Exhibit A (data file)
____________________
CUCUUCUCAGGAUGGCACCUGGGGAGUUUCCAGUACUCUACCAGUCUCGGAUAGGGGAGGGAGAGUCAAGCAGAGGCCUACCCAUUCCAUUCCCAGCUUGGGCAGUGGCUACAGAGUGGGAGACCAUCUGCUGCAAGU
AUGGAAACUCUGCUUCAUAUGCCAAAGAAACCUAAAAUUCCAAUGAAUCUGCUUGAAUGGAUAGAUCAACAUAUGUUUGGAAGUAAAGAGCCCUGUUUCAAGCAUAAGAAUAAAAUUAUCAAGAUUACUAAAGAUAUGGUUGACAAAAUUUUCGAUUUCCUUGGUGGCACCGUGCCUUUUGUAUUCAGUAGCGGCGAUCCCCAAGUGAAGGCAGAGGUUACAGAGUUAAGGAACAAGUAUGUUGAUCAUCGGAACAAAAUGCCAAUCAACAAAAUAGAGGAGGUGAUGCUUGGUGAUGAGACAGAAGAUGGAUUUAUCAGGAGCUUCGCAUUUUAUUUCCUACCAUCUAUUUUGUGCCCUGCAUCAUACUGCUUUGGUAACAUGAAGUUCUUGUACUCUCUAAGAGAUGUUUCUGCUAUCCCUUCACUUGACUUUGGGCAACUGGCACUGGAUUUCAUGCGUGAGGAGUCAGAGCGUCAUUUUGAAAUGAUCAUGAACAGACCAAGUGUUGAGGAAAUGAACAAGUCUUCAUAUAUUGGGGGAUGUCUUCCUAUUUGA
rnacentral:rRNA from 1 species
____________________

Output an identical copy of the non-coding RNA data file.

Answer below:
CUCUUCUCAGGAUGGCACCUGGGGAGUUUCCAGUACUCUACCAGUCUCGGAUAGGGGAGGGAGAGUCAAGCAGAGGCCUACCCAUUCCAUUCCCAGCUUGGGCAGUGGCUACAGAGUGGGAGACCAUCUGCUGCAAGU
AUGGAAACUCUGCUUCAUAUGCCAAAGAAACCUAAAAUUCCAAUGAAUCUGCUUGAAUGGAUAGAUCAACAUAUGUUUGGAAGUAAAGAGCCCUGUUUCAAGCAUAAGAAUAAAAUUAUCAAGAUUACUAAAGAUAUGGUUGACAAAAUUUUCGAUUUCCUUGGUGGCACCGUGCCUUUUGUAUUCAGUAGCGGCGAUCCCCAAGUGAAGGCAGAGGUUACAGAGUUAAGGAACAAGUAUGUUGAUCAUCGGAACAAAAUGCCAAUCAACAAAAUAGAGGAGGUGAUGCUUGGUGAUGAGACAGAAGAUGGAUUUAUCAGGAGCUUCGCAUUUUAUUUCCUACCAUCUAUUUUGUGCCCUGCAUCAUACUGCUUUGGUAACAUGAAGUUCUUGUACUCUCUAAGAGAUGUUUCUGCUAUCCCUUCACUUGACUUUGGGCAACUGGCACUGGAUUUCAUGCGUGAGGAGUCAGAGCGUCAUUUUGAAAUGAUCAUGAACAGACCAAGUGUUGAGGAAAUGAACAAGUCUUCAUAUAUUGGGGGAUGUCUUCCUAUUUGA
rnacentral:rRNA from 1 species